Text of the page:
On Wednesday, 26 October, the Transport Committee at the European Parliament approved agreements with Ukraine and Moldova aimed at improving and facilitating the movement of goods at the border between the two nations.
Moldova was granted the status of candidate country to join the European Union during the European Council on 22 June, Ukraine also received a favourable opinion from the EU Commission on 17 June, and during the same Council the status of applicant country was approved.
The agreements concern the transport of goods by road and were already in force in provisional mode, in order to ensure the unblocking of a difficult situation at the borders with the EU due to the cross-permits required for the movement of hauliers and transported loads.
Of course, these measures are part of the crisis scenario caused by the Russian war of aggression against Ukraine.
Kiev absolutely needs to implement new forms of transport and find alternative routes for a whole series of civil needs ranging from exporting its grain stocks, given that following the Sevastopol raid Russia decided on the ‘indefinite suspension of the implementation of the agreement on the export of agricultural products from Ukrainian ports’, to finding fuel and basic necessities.
In addition to the liberalisation of freight transport between Moldova and Ukraine, the agreement with the nation led by Volodymyr Zelens’kyj also envisages the possibility for Ukrainian hauliers to be allowed to drive on their own licences without having to acquire an international driving licence in order to travel on the territories covered by the mobility pact.
Now the separate agreements unanimously approved in the Commission will have to be ratified by the European Parliament in plenary session. The ECR group has already expressed its recommendation that the ratification should take place in a timely manner in order to unblock the critical situation at the borders between the EU, Moldova and Ukraine and facilitate the transport of goods as much as possible.
In addition to the liberalisation of road transport, there is also news that the European Commission and the European Investment Bank are preparing a feasibility study on rail transport. The aim is very similar to that of the two agreements mentioned above: to facilitate transport interconnectivity between the two countries, but with a long-term vision that envisages the improvement of connections in view of the end of the conflict in Ukraine.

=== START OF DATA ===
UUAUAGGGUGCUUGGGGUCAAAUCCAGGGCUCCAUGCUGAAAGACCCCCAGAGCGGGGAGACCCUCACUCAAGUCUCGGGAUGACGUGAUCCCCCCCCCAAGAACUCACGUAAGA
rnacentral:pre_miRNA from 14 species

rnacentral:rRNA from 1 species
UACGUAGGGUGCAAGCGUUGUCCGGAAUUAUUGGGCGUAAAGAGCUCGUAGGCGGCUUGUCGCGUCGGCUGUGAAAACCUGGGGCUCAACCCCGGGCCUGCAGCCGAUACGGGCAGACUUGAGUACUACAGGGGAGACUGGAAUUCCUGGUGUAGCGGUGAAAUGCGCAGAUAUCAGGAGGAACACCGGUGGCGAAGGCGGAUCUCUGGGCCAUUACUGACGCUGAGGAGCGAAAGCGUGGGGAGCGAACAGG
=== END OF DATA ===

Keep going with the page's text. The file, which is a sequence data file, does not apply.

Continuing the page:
The aim of the study is to identify the best way to make the connection between the Moldovan and Ukrainian railway networks and the TEN-T trans-European transport network possible.
This project is also part of the ‘Solidarity Lanes’, actions presented by the European Commission to support Ukraine in the export of its agricultural production despite the blockade of ports and consequently the impossibility of continuing to use transport by ship.
Technically, the connection to the trans-European rail transport network will be possible involving Poland and Romania as well as Ukraine, Moldova and other intermediate countries, because the most successful hypothesis will be to extend the railway networks of these European countries by connecting them to the Kiev and Chișinău lines. These are two very different railway infrastructures, as reported by the Commission, for which connecting works are needed to make freight transport easier in both directions.
Specifically, track widths differ significantly between the EU and Eastern Europe, so the idea of extending the ‘standard gauge’, which stands for the standard track width on our networks, seems to be the most appropriate solution, even though until before the outbreak of the war this hypothesis was not considered by the EU, but on the contrary it was the Eastern European countries that wanted to invest in bringing the ‘broad gauge’ to EU territories and make trade in their goods flourish.
EIB Vice-President Teresa Czerwińska, responsible for operations in Ukraine and Moldova, is optimistic.
“This is a strategic investment for sustainable and green economic growth, which also improves global food security. The integration of the railway networks will enable easier and safer movement of people, goods and services between the three markets and faster integration of the two countries with the EU,’ she said.
The study is expected to be completed by May 2023.